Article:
Dixons Carphone(LSE: DC) is odds-on for relegation from the FTSE 100 when the FTSE committee publishes its first quarterly index review of 2017 tomorrow. Dixons currently sits seven places below the cut-off level for automatic demotion to the second-tier FTSE 250.
However, according to my sums, Capita and easyJet are also teetering on the brink. And, with the reshuffle being decided on market capitalisations at the close of business today, a poor performance by their shares in the remaining hours of trading, could see one or both follow Dixons through the trapdoor.
I've written about my views on easyJet recently, while my Foolish colleague Jack Tang looked at Capita just last week. So, I'll have a quick gander at racing-certainty-for-demotion Dixons, before revealing the FTSE 250 firms that are in line for promotion to the FTSE 100.
Dixons shares are down about 13% since the last index review, with the major part of the fall coming since the company's Christmas trading update on 24 January. There wasn't much wrong with the update as far as I could see. Management trumpeted a "fifth consecutive year of Christmas growth" and said it was trading in line with expectations for its financial year to 29 April but clearly the market was unimpressed.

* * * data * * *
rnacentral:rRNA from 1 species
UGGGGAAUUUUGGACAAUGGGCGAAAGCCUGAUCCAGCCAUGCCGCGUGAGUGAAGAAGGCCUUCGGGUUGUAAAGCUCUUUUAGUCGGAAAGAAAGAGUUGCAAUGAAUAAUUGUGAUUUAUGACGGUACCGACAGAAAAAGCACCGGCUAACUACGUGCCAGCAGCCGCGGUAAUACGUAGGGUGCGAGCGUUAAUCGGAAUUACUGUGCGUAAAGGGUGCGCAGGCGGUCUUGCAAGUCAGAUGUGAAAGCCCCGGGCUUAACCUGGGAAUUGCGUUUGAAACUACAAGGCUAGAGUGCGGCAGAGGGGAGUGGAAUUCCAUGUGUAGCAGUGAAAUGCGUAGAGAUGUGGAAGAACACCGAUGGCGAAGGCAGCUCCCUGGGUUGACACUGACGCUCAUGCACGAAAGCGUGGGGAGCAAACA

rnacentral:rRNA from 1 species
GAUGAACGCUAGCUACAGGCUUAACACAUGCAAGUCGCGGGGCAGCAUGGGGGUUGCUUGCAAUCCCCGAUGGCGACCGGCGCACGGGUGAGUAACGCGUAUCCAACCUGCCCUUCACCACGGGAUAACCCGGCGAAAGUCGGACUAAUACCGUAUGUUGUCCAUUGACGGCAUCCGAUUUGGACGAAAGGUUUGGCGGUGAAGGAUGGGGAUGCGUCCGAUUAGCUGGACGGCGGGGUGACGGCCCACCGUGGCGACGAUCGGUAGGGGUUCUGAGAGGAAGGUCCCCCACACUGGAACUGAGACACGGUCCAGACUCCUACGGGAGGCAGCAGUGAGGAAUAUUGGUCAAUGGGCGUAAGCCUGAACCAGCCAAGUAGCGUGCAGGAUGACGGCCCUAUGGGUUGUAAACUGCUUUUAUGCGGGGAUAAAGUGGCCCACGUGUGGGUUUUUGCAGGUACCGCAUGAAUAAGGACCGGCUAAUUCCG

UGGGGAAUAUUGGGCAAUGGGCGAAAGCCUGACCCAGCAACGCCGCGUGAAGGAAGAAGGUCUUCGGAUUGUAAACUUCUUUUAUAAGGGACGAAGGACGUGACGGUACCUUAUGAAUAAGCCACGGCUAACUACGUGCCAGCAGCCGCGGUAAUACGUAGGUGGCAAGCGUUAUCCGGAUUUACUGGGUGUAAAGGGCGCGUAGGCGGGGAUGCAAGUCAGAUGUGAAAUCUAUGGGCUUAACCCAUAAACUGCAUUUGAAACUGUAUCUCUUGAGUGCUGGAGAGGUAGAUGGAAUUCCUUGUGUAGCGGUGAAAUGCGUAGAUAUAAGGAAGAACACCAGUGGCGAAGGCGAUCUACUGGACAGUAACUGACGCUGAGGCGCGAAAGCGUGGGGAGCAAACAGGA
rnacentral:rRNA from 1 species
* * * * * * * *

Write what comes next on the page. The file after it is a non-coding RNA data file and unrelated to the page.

Although Dixons reported a solid performance from large screen TVs, which it views as "a bellwether for consumer sentiment", the market appears to be pricing-in the prospect of consumer belt-tightening (in which discretionary spending reduces disproportionately) as inflation rises and wage increases slow.
The company trades on just 9.5 times current-year forecast earnings, with a prospective dividend yield of 3.6% but earnings forecasts could come under pressure, with consumer spending power set to come under pressure. Add in a protracted period of Brexit-related uncertainty and I think the stock is best avoided for the time being.
New FTSE 100 entrants
Scottish Mortgage Investment Trust looks nailed-on to gain promotion to the FTSE 100, as it currently sits two places above the automatic entry level. This company invests globally and, with less than 4% of its portfolio in the UK and 47% in North America (including the likes of Amazon.com and Facebook), it has benefitted from the weakening of sterling since the EU Referendum.
Other promotions would depend on whether Capita and/or easyJet slip into the drop zone. If they do, Rentokil Initial, a global business, not just the 'royal rat-catcher' of old, and international packaging firm DS Smith are in the prime positions for promotion. Gold and silver miner Polymetal International, which lost its place in the FTSE 100 at the last review, could also be in the mix for a quick return to the top index.
It's all very tight at this quarter's review, with today's trading being key to the outcome. Changes to the index will take effect from Monday 20 March.
G A Chester has no position in any shares mentioned. The Motley Fool UK has recommended DS Smith. We Fools don't all hold the same opinions, but we all believe that considering a diverse range of insights makes us better investors.